BIC, manufacturers of ballpoint pens and other writing instruments, have planted their advertising foot firmly in their corporate mouth with the launch of a new range of 'BIC For Her' pens aimed at the female market. The Telegraph reports:
Stationery manufacturer BIC has provoked widespread online ridicule after designing a range of pink and purple pen just “for her”.
The pens, which are promoted as “designed to fit comfortably in a woman’s hand” comes in an “attractive barrel design available in pink and purple”.
Advertised exclusively for women, one version promises “smooth writing” and comes in a box of 12, writing in both blue and black ink.
While BIC’s intentions are no doubt sincere, the products have inspired a wave of online ridicule as women poke fun at their strategy.
Already attracting wry comment from feminist website Jezebel, the pens have now reached a global audience of outraged women.
Website Amazon has been flooded with hundreds of reviews from women, who managed to successfully navigate their computer keyboards to express their appreciation.
There's more at the link.
The Amazon reviews are hysterical! Follow the last two links in the passage above to read some of them, and look for more of the 'BIC For Her' products on Amazon to read more reviews. Here are a few of my favorites.
ME NEEDED PEN FOR TO WRITE. ME PICK UP PEN. PEN SMALL. PEN SAY 'FOR WO MAN'. I MAN. I USE PEN. PEN NO WRITE! WHY PEN NO WRITE!
PEN BREAK WHEN MAN SLAM PEN INTO MAN CAVE BRICK WALL. PEN GONE. STILL NEED PEN. STILL NEED WRITE.
BIC PEN FOR WO MAN NO WORK FOR ME MAN. WHAT 'WO' MEAN?
I bought this for my wife, as she likes to have a comfortable grip on things that are 8" long and are pink and purple.
She seems happy about it, but me, less so.
I don't know why they didn't put a clearer warning on the label, they really should have because if you are a boy and use this pen you put yourself at great risk. My little brother turned into a unicorn after I lent him one, and my friend told me that a boy in her class grew fairy wings in the middle of a test.
My only criticism of these wonderful pens is that I get a bit bored with all 12 looking the same. I get around this my customising each pack. At the moment, the pen I have in use is covered in stripes of glitter and I glued a pink pompom and one of those diamanté charms you get on mobile phones (I couldn't fit any more on my phone) onto the top. I think BIC should start adding pens like this to their range because some women find it difficult to hold tubes of superglue properly - I asked the 6 year old boy who lives next door to help me.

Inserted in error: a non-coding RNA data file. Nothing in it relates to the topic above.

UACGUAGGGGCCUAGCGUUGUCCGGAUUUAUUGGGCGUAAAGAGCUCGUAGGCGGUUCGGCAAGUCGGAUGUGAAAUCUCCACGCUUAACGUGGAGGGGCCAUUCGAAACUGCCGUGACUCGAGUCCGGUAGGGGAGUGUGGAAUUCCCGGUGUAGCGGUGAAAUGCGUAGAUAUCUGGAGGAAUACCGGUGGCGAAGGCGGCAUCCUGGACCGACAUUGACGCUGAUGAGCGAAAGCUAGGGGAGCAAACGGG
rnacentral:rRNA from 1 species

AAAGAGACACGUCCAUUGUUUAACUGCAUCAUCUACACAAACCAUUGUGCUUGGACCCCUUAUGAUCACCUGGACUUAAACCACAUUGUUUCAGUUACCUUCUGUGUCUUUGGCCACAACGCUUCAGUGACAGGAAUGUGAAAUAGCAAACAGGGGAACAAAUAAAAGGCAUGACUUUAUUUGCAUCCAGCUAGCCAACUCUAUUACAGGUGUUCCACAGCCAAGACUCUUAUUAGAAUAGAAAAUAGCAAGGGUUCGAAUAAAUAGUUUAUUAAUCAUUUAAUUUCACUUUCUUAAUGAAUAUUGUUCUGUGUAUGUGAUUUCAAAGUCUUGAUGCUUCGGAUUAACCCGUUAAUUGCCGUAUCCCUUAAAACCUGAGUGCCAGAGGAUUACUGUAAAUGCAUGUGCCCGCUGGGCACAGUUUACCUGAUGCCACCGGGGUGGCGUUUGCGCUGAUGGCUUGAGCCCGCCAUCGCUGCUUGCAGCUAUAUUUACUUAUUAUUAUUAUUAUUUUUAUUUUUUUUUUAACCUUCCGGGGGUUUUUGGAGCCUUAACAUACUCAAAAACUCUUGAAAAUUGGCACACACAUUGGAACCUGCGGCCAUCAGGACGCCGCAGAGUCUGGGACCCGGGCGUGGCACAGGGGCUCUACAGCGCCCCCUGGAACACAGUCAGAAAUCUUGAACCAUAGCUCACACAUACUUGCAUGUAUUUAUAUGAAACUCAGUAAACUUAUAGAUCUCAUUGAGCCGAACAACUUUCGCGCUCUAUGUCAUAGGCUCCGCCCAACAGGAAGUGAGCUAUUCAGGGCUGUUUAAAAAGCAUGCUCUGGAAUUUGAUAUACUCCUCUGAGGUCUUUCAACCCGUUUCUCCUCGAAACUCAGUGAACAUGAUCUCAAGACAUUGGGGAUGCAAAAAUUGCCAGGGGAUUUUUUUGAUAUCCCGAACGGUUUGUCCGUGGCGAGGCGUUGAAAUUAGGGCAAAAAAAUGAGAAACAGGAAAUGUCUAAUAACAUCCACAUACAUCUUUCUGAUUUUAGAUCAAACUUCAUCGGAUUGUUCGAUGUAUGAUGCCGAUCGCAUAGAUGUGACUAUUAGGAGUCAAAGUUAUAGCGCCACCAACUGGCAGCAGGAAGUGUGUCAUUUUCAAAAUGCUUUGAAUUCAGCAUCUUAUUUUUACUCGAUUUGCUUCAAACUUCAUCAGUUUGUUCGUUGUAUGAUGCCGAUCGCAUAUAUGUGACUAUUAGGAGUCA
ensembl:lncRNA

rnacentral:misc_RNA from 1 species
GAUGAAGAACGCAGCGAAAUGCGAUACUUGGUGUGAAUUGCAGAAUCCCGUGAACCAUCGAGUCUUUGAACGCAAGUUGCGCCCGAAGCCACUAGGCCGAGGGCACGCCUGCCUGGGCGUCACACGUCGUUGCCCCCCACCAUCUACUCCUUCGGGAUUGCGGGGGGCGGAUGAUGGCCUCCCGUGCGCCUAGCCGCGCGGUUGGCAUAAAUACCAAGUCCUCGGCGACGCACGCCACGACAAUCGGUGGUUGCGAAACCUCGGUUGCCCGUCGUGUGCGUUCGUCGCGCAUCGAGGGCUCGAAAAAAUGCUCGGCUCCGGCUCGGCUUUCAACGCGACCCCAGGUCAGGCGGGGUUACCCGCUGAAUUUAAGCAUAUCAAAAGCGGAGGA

After having gifted this precious item to my love and seeing her properly drawing unicorns and fairies for the first time (previously you see, it was as if the other pens--my pens--would take over and draw muscular mutated beasts with great big fangs and saddles loaded with projectiles and an assortment of cutlery not suitable for any kitchen work!) ... I did the unthinkable. I bought a set for myself. My love asked me what on earth I was doing with another set of "for her" pens and I immediately snapped back, "they're for our daughter!" But she reminded me, we don't have a daughter. Alas, I was caught in my own web of lies, and holding the pens, I broke down crying like a little girl--the little girl we didn't have, except in my own heart. I wept with my dearest until I felt closure from it all and finally came out! I gently grabbed the flower-templated paper I purchased with the pens and began writing in big smooth curvy letters--not the crooked hasty one's I was used to all my life with those blasted man pens; and drawing horses and poodles--not the tall one's mind you, but rather the cute little ones--and then heart shapes and innocent love letters (not the raunchy hair-raising instant-blush & faint one's I naturally spun out of a man-pen) and my poetry was filled with a noticeable feminine charm. I loved it. It felt so natural. Yet so guilty. Guilty, for having taking it from whatever poor woman came to the store that day to find the shelf depleted, and for my own self, for having given in to the temptation of experimenting with a different orientation.
. . .
UPDATE: ... I had to knock the pen down from five to four stars, not out of any weakness in of its own delicate nature, but due to its seductive charm, too potent to resist. My marriage is still intact, but I suspect my wife has gone back to another pen, a man's pen--the other day she said she needed the assurance and security of a stronger pen that can write boldly in times when she needs that testost--I mean ink, whilst I have forgotten how to weld my own!
You've got to love it . . .